If you have more than two cats, you may find you have more than two social groups – in fact it is quite possible to have six cats and five or six social groups within them. This is more likely to happen if they were introduced as adults, were forced to interact too quickly and given insufficient resources. Even sibling cats may not necessarily remain in the same social group and may drift apart as they approach social maturity between 18 months and 4 years of age.

Resource placement
Cats in one social group are best provided with separate food, water and litter trays from cats which are in a different social group. Place these in a different part of the home. In fact, it may even be a good idea to feed cats in the same social group in different areas to reduce the risk of relationship breakdown.


Important resources for cats 
-       Food and water. Cats like to drink away from where they eat, so place the food and water bowls in separate areas sited away from the litter tray.

-       Somewhere to hide. It is very important for cats to have somewhere to hide – for example a cardboard box in its side or under the bed.

-       A viewing platform. Cats love to view their surroundings from a height. You could offer access to high spots for example shelves, on top of a wardrobe or window sills. Ensure easy access by placing a stool nearby.

-       Somewhere to sleep – igloo beds, cardboard box, blankets in elevated places

-       A scratching post – try placing this near to where the cat sleeps as they often like to stretch and scratch after they wake up

-       Litter tray – placed away from food and water bowls. (SOURCE: Cats Protection)
By providing plenty of resources for each cat, many cats will live together in harmony. 

Monday, 24 August 2015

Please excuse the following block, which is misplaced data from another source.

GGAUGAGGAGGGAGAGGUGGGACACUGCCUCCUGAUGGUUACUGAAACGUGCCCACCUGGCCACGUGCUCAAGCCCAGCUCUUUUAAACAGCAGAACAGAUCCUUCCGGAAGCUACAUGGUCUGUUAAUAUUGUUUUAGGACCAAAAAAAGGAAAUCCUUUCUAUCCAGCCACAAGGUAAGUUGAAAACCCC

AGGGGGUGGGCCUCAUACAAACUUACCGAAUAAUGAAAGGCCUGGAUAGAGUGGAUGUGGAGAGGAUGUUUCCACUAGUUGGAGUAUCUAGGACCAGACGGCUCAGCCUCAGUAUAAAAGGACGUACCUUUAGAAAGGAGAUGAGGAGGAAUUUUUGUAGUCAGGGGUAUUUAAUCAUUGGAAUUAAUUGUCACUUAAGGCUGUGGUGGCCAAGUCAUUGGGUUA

Sapphire's Diary


Today dear little Sapphire arrived at Axhayes.  She was nothing but a tiny grey blob wrapped in a green blanket.  She was brought to us by a gardener  who had saved her life – luckily he saw her on the grass when he was strimming.  She was helpless and all alone, and the only thing to do was to hand-rear her.

On arrival, she looked as though she couldn’t have been more than a few days old, but she was in good condition and had a full belly.  Her eyes were closed, and she could just about crawl along.  Later that day I weighed her – she was just 150g.  

When the working day was done and I had her at home, I picked her up – a wriggling grey ball – and tried to feed her using special kitten milk replacement in a bottle.  I heated the milk to body temperature to make it more appetizing for her, but, at first she refused to take it, and no wonder – it was nothing like her mum!  Eventually, she got the idea and drank some - I was very relieved!  Then I tried to stimulate her to go to the toilet, and after that she was tired so I popped her back into the tiny kitten bed that someone had kindly donated, covered her with a blanket and let her rest.  I would need to feed her every three hours or so, so I set my alarm and went to bed.